Chrisell Kenyon

I am 8 years old and will be starting Year 4 at a new school in September.

Artwork by Chrisell Kenyon

"My art helps me to feel connected to my family and friends and is a positive distraction in these difficult times. It brings me a lot of joy.

This piece I lovingly drew of my superhero mum. She has been very poorly with her chest but she always makes us smile and take very good care of myself and my brother."


Corinne Whitham

I'm 67 and retired.

Artwork by Corinne Whitham

'My Diary.'

"Before lockdown this was how I kept track of a very busy social life - during lockdown it became irrelevant!

I started a sort of visual diary part way into lockdown, mainly as a way to pass the time, but sharing the images on Facebook helped me to keep in touch with friends and family."


Deborah Anderson

I'm 57, a retired early years teacher who has only just discovered art for the first time.

Artwork by Deborah Anderson

'Autumn light at the dark hedges'

Acrylic on canvas 18x 14 inches.

"My daughter lives in England (I'm in Northern Ireland) she and her husband have a 1 year old son, my grandson. She is a doctor and was doing shifts in ICU. I was very anxious about her and her family, the joy of painting really helped to calm my mind and focus me on something else. I began painting scenes from Northern Ireland as a way to connect with home and possibly encourage her to remember how beautiful it is here."


Elaine Benson

I'm 61 and am a psychotherapist by profession, and worked for a children's charity until a week ago when I changed jobs. I'm also finishing my MSc at the University of Chester.

Artwork by Elaine Benson

'Tonal drawing of Asaro Head'

"I love art and find it relaxes me but during lockdown the pressure of working at home and writing up my dissertation and coping with living through a pendemic and lockdown meant I lost my motivation for art. Until this week when I signed up for a class on tonal drawing.
I think it brought me back to me. It's hard being isolated from family and friends - especially my art group. I lost my way and stopped drawing altogether. Drawing something for the first time since lockdown helped me to reconnect to something positive."


Ella Fox-Widdows

I'm a 25 year old PhD student at the University of Liverpool studying Plasma Physics!


Artwork by Ella Fox-Widdows

'Liverpool Metropolitan Cathedral on a beautiful spring day'


"During lockdown I left Liverpool to return to my hometown. I really missed walking passed the Metropolitan Cathedral every day on my way to university and missed all my friends in Liverpool, so painting my favourite Liverpool landmarks made me feel a bit more connected!"


Ella Walker

I am 30 years old, I work for a Charity supporting residents of communities to get involved and lead the development and regeneration of where they live and work. During lockdown I have been redeployed to support the local Foodbank. I have missed meeting up with the community but it has been inspiring to work with the Foodbank and meet their wonderful volunteers.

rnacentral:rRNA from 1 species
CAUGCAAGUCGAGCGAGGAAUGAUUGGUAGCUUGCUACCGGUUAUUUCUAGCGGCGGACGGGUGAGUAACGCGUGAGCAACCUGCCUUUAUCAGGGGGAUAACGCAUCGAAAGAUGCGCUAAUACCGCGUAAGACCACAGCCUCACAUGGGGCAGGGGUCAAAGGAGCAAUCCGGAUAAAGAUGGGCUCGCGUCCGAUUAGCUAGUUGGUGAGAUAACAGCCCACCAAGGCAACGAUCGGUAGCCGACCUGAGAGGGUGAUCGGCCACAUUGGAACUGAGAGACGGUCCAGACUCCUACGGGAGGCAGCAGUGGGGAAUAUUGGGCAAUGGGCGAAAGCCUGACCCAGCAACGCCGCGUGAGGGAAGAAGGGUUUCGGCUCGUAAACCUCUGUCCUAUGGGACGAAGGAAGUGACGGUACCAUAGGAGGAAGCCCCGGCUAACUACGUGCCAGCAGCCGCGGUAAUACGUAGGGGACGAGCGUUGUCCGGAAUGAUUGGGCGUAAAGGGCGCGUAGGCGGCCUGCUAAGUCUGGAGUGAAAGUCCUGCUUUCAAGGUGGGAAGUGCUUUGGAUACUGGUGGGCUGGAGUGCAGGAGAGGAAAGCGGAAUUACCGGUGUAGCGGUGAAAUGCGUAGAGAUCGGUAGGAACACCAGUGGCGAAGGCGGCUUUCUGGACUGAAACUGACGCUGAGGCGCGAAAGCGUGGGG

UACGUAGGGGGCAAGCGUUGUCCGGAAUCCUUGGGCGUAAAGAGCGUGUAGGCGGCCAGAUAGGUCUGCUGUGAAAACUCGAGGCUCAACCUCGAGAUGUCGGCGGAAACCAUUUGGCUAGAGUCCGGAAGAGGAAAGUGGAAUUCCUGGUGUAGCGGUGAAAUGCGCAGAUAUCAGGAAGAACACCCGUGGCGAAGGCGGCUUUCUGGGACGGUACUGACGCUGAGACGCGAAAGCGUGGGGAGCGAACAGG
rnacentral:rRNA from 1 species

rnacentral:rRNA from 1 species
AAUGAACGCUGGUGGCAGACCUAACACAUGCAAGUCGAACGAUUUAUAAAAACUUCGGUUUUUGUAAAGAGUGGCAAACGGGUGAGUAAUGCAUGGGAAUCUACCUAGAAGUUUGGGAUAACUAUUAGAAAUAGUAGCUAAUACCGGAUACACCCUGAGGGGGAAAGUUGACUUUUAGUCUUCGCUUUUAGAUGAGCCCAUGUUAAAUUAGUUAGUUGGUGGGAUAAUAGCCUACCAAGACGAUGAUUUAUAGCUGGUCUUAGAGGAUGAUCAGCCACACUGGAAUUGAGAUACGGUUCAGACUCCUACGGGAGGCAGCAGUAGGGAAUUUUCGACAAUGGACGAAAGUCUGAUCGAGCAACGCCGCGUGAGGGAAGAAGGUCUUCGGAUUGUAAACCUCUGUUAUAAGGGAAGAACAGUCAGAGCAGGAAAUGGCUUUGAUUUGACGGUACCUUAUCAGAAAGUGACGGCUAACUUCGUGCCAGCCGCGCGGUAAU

Artwork by Ella Walker

'Postable Hug'

Polymer clay hug ornament. Made using polymer clay, with a press print extruded clay design.

"I have a very close knit, small family, consisting of me, my Mum and my Grandmas and we usually see each other a lot! It's been really difficult over lockdown as I've missed seeing my family, and found it really difficult to not be able to pop round to give my Mum and Grandma a big hug. As a hobby I make jewellery from polymer clay and recycled materials, during lockdown I started to explore other uses for my polymer clay! I started to create postable hugs to send to family and friends! This cheered me up, creating designs to match peoples personalities and challenging my clay skills, and hoping that my designs would be a welcome surprise to cheer up family and friends in a safe way! This piece is a virtual moomin hug, sent to my Mum, when she was self-isolating with mild virus symptoms. It was really hard to not be able to pop round to help out, or give her a hug, or make her a coffee and some get well snacks. I was desperate to do something to cheer her up and give her the next best thing to a real hug, so postable hugs were born!"


Emily Lloyd

Aged 16. Attending Yale collage in September. Attended Ysgol Morgan Llwydâ welsh secondary school.

Artwork by Emily Lloyd

"Recreation of my wonderful Gran and Taid’s picture on the Queen Mary 2.

Making art was a sentimental way to show people how much they mean to me. Gifting them something so personal was completely worth every inch of effort just seeing their reactions."


Emma Thick

40, professional horticulturalist

Artwork by Emma Thick

"Yes artwork helped very much.

Inspired by a book called little town of marrowville by John Robertson."


Freya Levy

Formerly I worked in immigration law. Now my focus is as a mosaic artist.

Artwork by Freya Levy

"This is me painting a peacock in the Community Soul cafe backyard. It is a veritable menagerie, with all manner of creatures.